For example, I turned Dudemeister's Hargulka's Monster Kingdom into an issue, using each of his encounters as an event I could tick off on the issue card. I also made a small event table of Monster Kingdom badness which I could roll on if I drew the card and felt it wasn't a good time to advance the "plot".

For the Realm Alignment issue, I've done up a list of six adjectives for Good, Neutral and Evil, and six nouns for Lawful, Neutral and Chaotic. When that issue comes up, I take the realm's current alignment, roll 2d6 and see what sort of event I can come up with based on the combination I rolled.

Alignment words:

Good: 1: Benign, 2: Selfless, 3: Generous: 4: Forgiving: 5: Altruistic, 6: Naive
Neutral: 1: Forgiving, 2: Well-intentioned, 3: Uncommitted, 4: Balanced, 5: Selfish, 6: Callous
Evil: 1. Malign, 2: Selfish, 3: Ruthless, 4: Violent, 5: Cruel, 6: Expedient

Lawful: 1: Oppression, 2: Judgmentalism, 3: Inflexibility, 4: Efficiency, 5: Obedience, 6. Organisation
Neutral: 1: Organisation, 2: Obedience, 3: Impartiality, 4: Apathy, 5: Criminals, 6: Innovation
Chaotic: 1. Recklessness, 2: Criminals, 3: Exceptional Individual, 4: Freedom, 5: Innovation, 6: Adaptability

(With the Fate-based rules, the players don't actually get to choose their realm's alignment. Instead, the alignment starts at the "average for the citizens", and the players can take actions to try to slowly shift their realm to the alignment they want.)

So far, their realm is still Chaotic Neutral (an alignment that suits none of them, although the Chaotic Good Witch is happier about it than the Lawful Good Paladin or the Lawful Neutral Baron). I've drawn the Alignment issue twice so far... the first time I rolled "Well-intentioned recklessness", so the event revolved around a group of citizens who resented the Baron's trade agreement with Hargulka and his evil trolls, and were gearing up to march south and try to show the trolls what-for. Due to how that played out, these citizens became the core of the Barony's first army, known as "The Baron's Conscience". The second time I rolled "Balanced Freedom", so the event involved some of the new immigrants being of Issian stock (taking "balanced" to mean "representation of the other side") who were being vocal in their support of Issia ("freedom" = speaking their minds freely) to the annoyance of the formerly Rostlandic citizens.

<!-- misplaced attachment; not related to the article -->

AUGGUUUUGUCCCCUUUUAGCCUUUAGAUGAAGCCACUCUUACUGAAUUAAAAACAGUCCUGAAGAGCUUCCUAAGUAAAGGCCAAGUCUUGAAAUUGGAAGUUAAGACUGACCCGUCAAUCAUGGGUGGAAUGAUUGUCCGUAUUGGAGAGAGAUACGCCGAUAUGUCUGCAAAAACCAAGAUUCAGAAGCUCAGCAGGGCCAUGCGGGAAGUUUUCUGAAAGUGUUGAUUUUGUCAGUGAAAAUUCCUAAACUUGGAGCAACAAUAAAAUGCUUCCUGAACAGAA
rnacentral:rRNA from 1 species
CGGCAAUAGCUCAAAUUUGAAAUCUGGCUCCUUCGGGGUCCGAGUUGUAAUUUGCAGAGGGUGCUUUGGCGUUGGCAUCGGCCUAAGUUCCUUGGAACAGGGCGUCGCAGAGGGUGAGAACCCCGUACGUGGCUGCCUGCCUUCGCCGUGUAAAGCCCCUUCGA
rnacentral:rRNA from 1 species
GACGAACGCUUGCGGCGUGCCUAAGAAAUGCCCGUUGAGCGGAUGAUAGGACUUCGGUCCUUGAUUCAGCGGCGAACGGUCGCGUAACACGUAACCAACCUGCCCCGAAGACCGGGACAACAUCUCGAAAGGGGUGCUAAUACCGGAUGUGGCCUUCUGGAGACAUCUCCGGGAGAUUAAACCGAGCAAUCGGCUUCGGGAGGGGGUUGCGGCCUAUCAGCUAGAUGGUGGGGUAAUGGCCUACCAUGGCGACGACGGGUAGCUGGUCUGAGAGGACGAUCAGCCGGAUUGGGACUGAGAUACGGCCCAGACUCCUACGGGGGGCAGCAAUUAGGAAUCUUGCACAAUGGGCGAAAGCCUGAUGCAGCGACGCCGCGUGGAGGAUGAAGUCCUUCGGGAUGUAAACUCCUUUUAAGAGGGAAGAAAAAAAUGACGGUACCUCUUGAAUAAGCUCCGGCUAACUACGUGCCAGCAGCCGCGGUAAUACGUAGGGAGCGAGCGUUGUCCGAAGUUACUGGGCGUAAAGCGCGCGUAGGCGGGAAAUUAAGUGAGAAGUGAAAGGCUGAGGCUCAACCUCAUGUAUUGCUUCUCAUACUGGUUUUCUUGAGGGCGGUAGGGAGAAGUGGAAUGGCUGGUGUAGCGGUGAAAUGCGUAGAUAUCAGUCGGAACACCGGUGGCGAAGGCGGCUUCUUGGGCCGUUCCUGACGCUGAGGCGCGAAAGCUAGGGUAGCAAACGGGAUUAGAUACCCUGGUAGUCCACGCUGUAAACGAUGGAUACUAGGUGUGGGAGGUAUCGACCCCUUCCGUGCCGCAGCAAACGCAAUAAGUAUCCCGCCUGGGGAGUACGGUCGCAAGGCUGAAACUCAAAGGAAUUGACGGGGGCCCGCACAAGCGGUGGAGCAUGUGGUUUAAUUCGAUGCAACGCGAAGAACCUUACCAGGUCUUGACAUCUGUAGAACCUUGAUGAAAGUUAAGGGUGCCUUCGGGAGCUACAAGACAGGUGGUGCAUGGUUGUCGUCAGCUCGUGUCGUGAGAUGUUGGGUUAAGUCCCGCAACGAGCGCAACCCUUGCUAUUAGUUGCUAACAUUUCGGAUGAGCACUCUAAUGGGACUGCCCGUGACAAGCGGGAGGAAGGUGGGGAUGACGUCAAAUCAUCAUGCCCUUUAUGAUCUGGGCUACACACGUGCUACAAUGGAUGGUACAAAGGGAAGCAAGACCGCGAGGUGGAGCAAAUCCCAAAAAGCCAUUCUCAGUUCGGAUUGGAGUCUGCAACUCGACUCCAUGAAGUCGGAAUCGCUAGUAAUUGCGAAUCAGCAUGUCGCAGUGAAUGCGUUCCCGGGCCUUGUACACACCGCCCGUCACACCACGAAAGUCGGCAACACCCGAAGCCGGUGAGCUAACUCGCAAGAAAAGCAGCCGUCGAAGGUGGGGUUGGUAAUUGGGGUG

The one-shot events in RRR (with Grigory, and Kundal, and Malgorzata Niska, and the Rezbins) are each their own issue with their own sequence of escalating events. And some of the 3rd party modules I'm planning on running are also issues, with various hooks that can come up when the issue is drawn. Some of these events are incidental to the central problem of the issue, but act as an introduction of an NPC that will be significant later (such a Malgorzata).


I followed your work since you published your "Issue-Driven Kingdom Events" last year.

The Paizo rules were a fiasco for us. Even with Ultimate Campaign, it was such a chore to keep track of all the numbers, and so easy to crunch the stats and munchkin the kingdom, even unintentionally.

We finally switched to your ruleset a few months back (I don't recall where you shared the link to the Google Doc before). It was either that or abandoning the kingdom-building completely. We like the fact that the book-keeping is so limited.

I'll try to come back and share my experience soon.


First thought: my players were pretty desperate about the DCs.

A Warden with a CON of 16 would have +3 to his Patrols skill at first. Claiming a new hex needs a check of 15 (12 on the d20), so there was a 60% chance that they were investing BPs on that action for nothing AND gain Unrest or an issue.

I told them to create advantages, but creating an advantage is also a DC15 check.

Long story shor: we felt the random variable of the check was an hindrance.

We finally decided to use 2d10 instead of 1d20 for all kingdom rolls. The bell curve distribution makes them more secure of the outcome of their rolls, while keeping some incertainty.

I also felt the advantage should be easier to create to encourage them to make some and use them on subsequent rolls, so I dropped the DC to 12. All other DCs remained as written.